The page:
This article exists as part of the online archive for HuffPost Canada, which closed in 2021.

Staying Alive: Daniel Sedin scores winner as Canucks down Flames to force Game 6

VANCOUVER - The Vancouver Canucks still have a pulse in the Stanley Cup playoffs.Daniel Sedin scored early in the third period Thursday as the Canucks avoided elimination with a 2-1 victory over the Calgary Flames in Game 5 of their Western Conference quarter-final.Vancouver still trails the best-of-seven series 3-2, with Game 6 set for Saturday in Calgary."These are fun games to be part of. It's do or die," said Sedin. "We played a solid 60 minutes. It was probably our best game of the series. We've had some good periods, but tonight was a 60-minute effort."Nick Bonino had the other goal for Vancouver, which got 20 saves from Ryan Miller in his first start of the series after Eddie Lack was pulled in Game 4."It was just a grind. I thought the guys did a great job getting pucks to the net," said Miller. "We had the puck in their zone. Give the guys credit for working real hard. We created enough to win."The Canucks snapped a 1-1 tie 1:47 into the third after the Flames iced the puck. Vancouver put out its top line for the offensive zone faceoff and made Calgary pay as Sedin shovelled a rebound through Jonas Hiller's pads for his second goal of the series."We've been trying different faceoff plays and tonight it paid off at the right time," said Sedin. "It hit my stick, but not much. I was fortunate."I thought I missed it at first, but somehow it went towards the net."Vancouver entered play last on the penalty kill in the post-season and had to fight off a Calgary power play midway through the period when Dan Hamhuis was whistled for firing the puck over the glass, with Miller making a big stop on Joe Colborne.The Flames had another man advantage with under six minutes to go when Henrik Sedin went off for hooking, but didn't get a single shot on target against Miller, who was making just his second start since February because of a knee injury and readily admits he's less than 100 per cent healthy."You just have to go out there and give it your best," said the 34-year-old. "My mindset was I can still battle, I can still give 100 per cent of my commitment in my mind and my focus."Calgary has made a living off third-period comebacks this season, but were unable to find an equalizer as Vancouver stayed alive in front of a raucous towel-waving crowd at Rogers Arena."We wanted to come out here and throw our best game at them," said Canucks defenceman Kevin Bieksa. "Obviously we had a couple calls against us late in the game, but we felt like we played strong enough, weathered the storm, a couple big saves by Millsy and got the job done."David Jones scored and Jonas Hiller stopped 41 shots for Calgary, which will have to wait at least another game to secure its first series win since the team's run to the 2004 Stanley Cup final. "I'm very proud of the players. They did a great job," said Flames head coach Bob Hartley. "We battled and we battled. We're facing a great organization that knows how to win. It's a special team and they deserve the credit for this win."Down 1-0 after the first, Vancouver tied the game with 6:29 left in the second when Bonino ripped a shot under the crossbar from the faceoff dot for his first of the playoffs."We're pressing all period," said Bonino. "I think that goal started 10 minutes before that with every line rolling over."Calgary could have taken a 2-0 lead earlier in the period, but Colborne hit the post a minute in before Mason Raymond saw the puck roll off his stick on a clear breakaway.The Flames went up 1-0 just 2:40 into the first period when Jones jumped on a turnover and fired shortside on Miller for his second goal of the series.Calgary's Dennis Wideman had an opportunity to add to the lead on the power play moments later only to see his shot hit the post and stay out.Vancouver had some great chances to equalize at the other end, but Jannik Hansen's one-timer from the point clanked off iron before Radim Vrbata's effort on a man advantage also hit the post."We didn't get away from our game plan," said Daniel Sedin. "I thought we stuck with it even though they scored the first goal. We kept going at them and shooting the puck and got a little bit more guys in front of the net and it paid off in the end."---Follow @JClipperton_CP on Twitter.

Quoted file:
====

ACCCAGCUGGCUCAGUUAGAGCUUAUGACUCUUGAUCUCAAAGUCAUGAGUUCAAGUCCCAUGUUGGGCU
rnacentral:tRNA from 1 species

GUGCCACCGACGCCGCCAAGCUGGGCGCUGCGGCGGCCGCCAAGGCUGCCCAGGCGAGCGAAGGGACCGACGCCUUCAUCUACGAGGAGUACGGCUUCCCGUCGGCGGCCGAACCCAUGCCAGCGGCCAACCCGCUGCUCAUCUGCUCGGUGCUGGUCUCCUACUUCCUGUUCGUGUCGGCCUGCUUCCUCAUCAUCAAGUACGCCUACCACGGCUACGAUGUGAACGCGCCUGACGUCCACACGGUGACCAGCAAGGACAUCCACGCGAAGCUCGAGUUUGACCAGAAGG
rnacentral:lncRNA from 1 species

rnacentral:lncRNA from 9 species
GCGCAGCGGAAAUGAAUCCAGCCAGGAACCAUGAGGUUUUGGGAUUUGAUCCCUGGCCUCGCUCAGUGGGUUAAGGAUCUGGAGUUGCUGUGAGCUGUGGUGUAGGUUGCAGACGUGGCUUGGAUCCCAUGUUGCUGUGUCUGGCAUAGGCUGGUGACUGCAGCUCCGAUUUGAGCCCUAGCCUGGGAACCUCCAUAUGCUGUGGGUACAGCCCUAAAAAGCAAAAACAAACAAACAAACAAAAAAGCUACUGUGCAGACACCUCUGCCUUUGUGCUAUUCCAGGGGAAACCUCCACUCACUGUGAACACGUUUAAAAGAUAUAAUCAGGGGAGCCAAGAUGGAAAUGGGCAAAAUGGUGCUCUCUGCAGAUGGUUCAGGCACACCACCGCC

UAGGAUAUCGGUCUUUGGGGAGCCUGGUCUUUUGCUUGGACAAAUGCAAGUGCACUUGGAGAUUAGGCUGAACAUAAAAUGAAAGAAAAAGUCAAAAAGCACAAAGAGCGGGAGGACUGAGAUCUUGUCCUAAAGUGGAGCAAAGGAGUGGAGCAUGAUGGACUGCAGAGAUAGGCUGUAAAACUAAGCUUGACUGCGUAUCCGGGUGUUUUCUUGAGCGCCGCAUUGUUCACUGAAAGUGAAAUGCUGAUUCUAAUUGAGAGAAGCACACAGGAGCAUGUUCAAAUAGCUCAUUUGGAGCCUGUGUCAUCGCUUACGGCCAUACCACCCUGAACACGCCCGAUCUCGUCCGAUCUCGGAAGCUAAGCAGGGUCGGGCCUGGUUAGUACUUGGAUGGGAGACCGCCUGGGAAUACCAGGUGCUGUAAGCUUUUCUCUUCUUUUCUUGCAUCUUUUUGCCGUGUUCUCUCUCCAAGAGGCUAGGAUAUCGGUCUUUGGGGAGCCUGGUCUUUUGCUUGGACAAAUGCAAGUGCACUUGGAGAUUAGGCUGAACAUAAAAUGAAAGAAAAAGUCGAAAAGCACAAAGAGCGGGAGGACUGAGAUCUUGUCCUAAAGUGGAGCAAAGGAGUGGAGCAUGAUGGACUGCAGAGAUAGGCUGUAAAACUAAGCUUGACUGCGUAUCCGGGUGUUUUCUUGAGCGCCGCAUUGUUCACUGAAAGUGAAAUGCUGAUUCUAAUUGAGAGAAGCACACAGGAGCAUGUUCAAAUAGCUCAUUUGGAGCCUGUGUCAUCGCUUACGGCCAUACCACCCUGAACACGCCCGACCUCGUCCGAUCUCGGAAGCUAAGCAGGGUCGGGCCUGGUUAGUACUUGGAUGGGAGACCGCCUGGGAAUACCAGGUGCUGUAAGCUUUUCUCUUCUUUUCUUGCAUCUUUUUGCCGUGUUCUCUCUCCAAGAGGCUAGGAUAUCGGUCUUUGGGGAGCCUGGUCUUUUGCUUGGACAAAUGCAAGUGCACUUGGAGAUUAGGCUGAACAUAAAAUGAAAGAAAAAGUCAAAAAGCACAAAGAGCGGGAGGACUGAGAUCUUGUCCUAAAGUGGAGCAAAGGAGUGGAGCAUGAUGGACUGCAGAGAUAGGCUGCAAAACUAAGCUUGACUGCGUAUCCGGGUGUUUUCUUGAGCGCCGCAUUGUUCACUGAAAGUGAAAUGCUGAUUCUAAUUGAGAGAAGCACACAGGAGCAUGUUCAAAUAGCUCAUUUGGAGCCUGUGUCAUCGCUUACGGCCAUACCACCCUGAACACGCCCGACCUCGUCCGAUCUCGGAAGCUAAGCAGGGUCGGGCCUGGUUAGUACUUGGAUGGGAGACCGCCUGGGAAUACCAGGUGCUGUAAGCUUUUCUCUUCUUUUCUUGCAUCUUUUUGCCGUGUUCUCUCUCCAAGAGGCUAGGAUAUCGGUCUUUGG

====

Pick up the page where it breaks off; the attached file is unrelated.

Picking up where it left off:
Suggest a correction
This article exists as part of the online archive for HuffPost Canada. Certain site features have been disabled. If you have questions or concerns, please check our FAQ or contact